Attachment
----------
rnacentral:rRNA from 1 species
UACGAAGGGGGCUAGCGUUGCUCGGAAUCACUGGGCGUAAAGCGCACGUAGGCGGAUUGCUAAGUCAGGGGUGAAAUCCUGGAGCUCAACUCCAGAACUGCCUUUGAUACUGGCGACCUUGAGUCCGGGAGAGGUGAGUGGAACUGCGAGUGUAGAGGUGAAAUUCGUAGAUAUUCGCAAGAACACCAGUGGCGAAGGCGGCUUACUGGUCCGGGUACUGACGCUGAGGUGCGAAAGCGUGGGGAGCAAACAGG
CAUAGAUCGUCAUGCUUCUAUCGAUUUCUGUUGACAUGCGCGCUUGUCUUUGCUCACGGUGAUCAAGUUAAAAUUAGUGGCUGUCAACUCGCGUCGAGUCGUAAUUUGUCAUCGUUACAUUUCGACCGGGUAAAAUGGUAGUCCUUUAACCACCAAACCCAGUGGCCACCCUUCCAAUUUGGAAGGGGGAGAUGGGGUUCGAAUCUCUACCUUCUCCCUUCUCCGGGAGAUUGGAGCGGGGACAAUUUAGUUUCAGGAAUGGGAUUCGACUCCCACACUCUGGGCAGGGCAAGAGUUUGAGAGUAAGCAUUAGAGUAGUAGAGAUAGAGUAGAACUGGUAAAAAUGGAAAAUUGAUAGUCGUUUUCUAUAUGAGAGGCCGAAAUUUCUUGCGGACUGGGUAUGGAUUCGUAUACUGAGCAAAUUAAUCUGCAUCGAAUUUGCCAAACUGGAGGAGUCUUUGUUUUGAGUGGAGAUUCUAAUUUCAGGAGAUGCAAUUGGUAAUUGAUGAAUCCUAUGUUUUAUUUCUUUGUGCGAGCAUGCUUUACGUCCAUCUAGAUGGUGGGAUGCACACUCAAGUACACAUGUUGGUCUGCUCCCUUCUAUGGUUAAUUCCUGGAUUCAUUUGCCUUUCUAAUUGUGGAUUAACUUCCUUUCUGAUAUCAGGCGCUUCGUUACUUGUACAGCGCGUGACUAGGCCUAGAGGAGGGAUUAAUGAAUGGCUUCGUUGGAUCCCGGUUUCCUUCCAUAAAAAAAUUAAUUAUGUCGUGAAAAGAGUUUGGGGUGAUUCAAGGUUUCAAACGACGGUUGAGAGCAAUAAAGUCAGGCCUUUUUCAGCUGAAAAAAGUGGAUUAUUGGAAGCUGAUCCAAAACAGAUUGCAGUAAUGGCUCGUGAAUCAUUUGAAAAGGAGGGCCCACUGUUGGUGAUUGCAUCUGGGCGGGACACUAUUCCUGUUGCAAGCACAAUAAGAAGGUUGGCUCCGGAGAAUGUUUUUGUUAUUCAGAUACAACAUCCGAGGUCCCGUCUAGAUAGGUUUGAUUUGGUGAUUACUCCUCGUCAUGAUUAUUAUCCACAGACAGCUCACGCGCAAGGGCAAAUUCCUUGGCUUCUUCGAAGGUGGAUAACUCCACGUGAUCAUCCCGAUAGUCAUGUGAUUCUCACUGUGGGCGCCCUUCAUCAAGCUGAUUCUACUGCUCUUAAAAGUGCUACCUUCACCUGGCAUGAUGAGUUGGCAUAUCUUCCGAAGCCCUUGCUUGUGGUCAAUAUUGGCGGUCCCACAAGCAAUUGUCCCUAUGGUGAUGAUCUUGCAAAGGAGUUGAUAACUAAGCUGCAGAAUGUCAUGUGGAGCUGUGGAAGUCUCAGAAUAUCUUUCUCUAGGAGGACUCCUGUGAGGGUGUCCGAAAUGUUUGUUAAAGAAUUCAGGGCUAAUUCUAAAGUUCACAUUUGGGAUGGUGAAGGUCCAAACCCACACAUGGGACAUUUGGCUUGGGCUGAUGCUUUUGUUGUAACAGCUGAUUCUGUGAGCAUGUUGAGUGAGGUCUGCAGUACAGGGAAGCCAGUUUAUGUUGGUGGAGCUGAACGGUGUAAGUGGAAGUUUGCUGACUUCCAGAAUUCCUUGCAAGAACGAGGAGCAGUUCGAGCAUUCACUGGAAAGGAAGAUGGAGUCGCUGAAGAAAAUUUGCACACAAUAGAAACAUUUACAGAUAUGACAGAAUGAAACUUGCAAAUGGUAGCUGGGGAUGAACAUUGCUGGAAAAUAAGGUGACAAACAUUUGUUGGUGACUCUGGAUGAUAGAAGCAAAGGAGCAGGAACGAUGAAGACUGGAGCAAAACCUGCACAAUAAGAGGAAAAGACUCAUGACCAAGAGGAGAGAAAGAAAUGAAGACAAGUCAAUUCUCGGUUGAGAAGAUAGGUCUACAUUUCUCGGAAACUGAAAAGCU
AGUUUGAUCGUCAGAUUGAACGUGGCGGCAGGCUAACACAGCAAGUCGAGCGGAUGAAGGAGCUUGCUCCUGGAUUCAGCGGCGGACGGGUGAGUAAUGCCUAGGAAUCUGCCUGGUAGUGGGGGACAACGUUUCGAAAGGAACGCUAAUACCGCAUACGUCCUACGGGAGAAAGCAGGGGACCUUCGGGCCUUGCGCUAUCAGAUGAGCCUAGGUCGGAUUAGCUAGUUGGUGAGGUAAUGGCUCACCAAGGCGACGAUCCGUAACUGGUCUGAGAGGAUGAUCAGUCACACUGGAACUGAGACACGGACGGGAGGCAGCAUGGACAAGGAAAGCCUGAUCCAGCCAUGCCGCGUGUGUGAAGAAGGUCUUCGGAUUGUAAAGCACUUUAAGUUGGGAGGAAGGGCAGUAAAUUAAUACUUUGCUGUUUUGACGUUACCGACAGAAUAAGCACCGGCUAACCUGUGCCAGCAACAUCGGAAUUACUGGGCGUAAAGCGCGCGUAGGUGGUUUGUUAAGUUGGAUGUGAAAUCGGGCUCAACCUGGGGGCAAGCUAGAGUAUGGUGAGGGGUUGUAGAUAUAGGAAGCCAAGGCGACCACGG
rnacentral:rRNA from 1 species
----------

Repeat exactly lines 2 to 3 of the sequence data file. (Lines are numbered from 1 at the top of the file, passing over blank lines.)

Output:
UACGAAGGGGGCUAGCGUUGCUCGGAAUCACUGGGCGUAAAGCGCACGUAGGCGGAUUGCUAAGUCAGGGGUGAAAUCCUGGAGCUCAACUCCAGAACUGCCUUUGAUACUGGCGACCUUGAGUCCGGGAGAGGUGAGUGGAACUGCGAGUGUAGAGGUGAAAUUCGUAGAUAUUCGCAAGAACACCAGUGGCGAAGGCGGCUUACUGGUCCGGGUACUGACGCUGAGGUGCGAAAGCGUGGGGAGCAAACAGG
CAUAGAUCGUCAUGCUUCUAUCGAUUUCUGUUGACAUGCGCGCUUGUCUUUGCUCACGGUGAUCAAGUUAAAAUUAGUGGCUGUCAACUCGCGUCGAGUCGUAAUUUGUCAUCGUUACAUUUCGACCGGGUAAAAUGGUAGUCCUUUAACCACCAAACCCAGUGGCCACCCUUCCAAUUUGGAAGGGGGAGAUGGGGUUCGAAUCUCUACCUUCUCCCUUCUCCGGGAGAUUGGAGCGGGGACAAUUUAGUUUCAGGAAUGGGAUUCGACUCCCACACUCUGGGCAGGGCAAGAGUUUGAGAGUAAGCAUUAGAGUAGUAGAGAUAGAGUAGAACUGGUAAAAAUGGAAAAUUGAUAGUCGUUUUCUAUAUGAGAGGCCGAAAUUUCUUGCGGACUGGGUAUGGAUUCGUAUACUGAGCAAAUUAAUCUGCAUCGAAUUUGCCAAACUGGAGGAGUCUUUGUUUUGAGUGGAGAUUCUAAUUUCAGGAGAUGCAAUUGGUAAUUGAUGAAUCCUAUGUUUUAUUUCUUUGUGCGAGCAUGCUUUACGUCCAUCUAGAUGGUGGGAUGCACACUCAAGUACACAUGUUGGUCUGCUCCCUUCUAUGGUUAAUUCCUGGAUUCAUUUGCCUUUCUAAUUGUGGAUUAACUUCCUUUCUGAUAUCAGGCGCUUCGUUACUUGUACAGCGCGUGACUAGGCCUAGAGGAGGGAUUAAUGAAUGGCUUCGUUGGAUCCCGGUUUCCUUCCAUAAAAAAAUUAAUUAUGUCGUGAAAAGAGUUUGGGGUGAUUCAAGGUUUCAAACGACGGUUGAGAGCAAUAAAGUCAGGCCUUUUUCAGCUGAAAAAAGUGGAUUAUUGGAAGCUGAUCCAAAACAGAUUGCAGUAAUGGCUCGUGAAUCAUUUGAAAAGGAGGGCCCACUGUUGGUGAUUGCAUCUGGGCGGGACACUAUUCCUGUUGCAAGCACAAUAAGAAGGUUGGCUCCGGAGAAUGUUUUUGUUAUUCAGAUACAACAUCCGAGGUCCCGUCUAGAUAGGUUUGAUUUGGUGAUUACUCCUCGUCAUGAUUAUUAUCCACAGACAGCUCACGCGCAAGGGCAAAUUCCUUGGCUUCUUCGAAGGUGGAUAACUCCACGUGAUCAUCCCGAUAGUCAUGUGAUUCUCACUGUGGGCGCCCUUCAUCAAGCUGAUUCUACUGCUCUUAAAAGUGCUACCUUCACCUGGCAUGAUGAGUUGGCAUAUCUUCCGAAGCCCUUGCUUGUGGUCAAUAUUGGCGGUCCCACAAGCAAUUGUCCCUAUGGUGAUGAUCUUGCAAAGGAGUUGAUAACUAAGCUGCAGAAUGUCAUGUGGAGCUGUGGAAGUCUCAGAAUAUCUUUCUCUAGGAGGACUCCUGUGAGGGUGUCCGAAAUGUUUGUUAAAGAAUUCAGGGCUAAUUCUAAAGUUCACAUUUGGGAUGGUGAAGGUCCAAACCCACACAUGGGACAUUUGGCUUGGGCUGAUGCUUUUGUUGUAACAGCUGAUUCUGUGAGCAUGUUGAGUGAGGUCUGCAGUACAGGGAAGCCAGUUUAUGUUGGUGGAGCUGAACGGUGUAAGUGGAAGUUUGCUGACUUCCAGAAUUCCUUGCAAGAACGAGGAGCAGUUCGAGCAUUCACUGGAAAGGAAGAUGGAGUCGCUGAAGAAAAUUUGCACACAAUAGAAACAUUUACAGAUAUGACAGAAUGAAACUUGCAAAUGGUAGCUGGGGAUGAACAUUGCUGGAAAAUAAGGUGACAAACAUUUGUUGGUGACUCUGGAUGAUAGAAGCAAAGGAGCAGGAACGAUGAAGACUGGAGCAAAACCUGCACAAUAAGAGGAAAAGACUCAUGACCAAGAGGAGAGAAAGAAAUGAAGACAAGUCAAUUCUCGGUUGAGAAGAUAGGUCUACAUUUCUCGGAAACUGAAAAGCU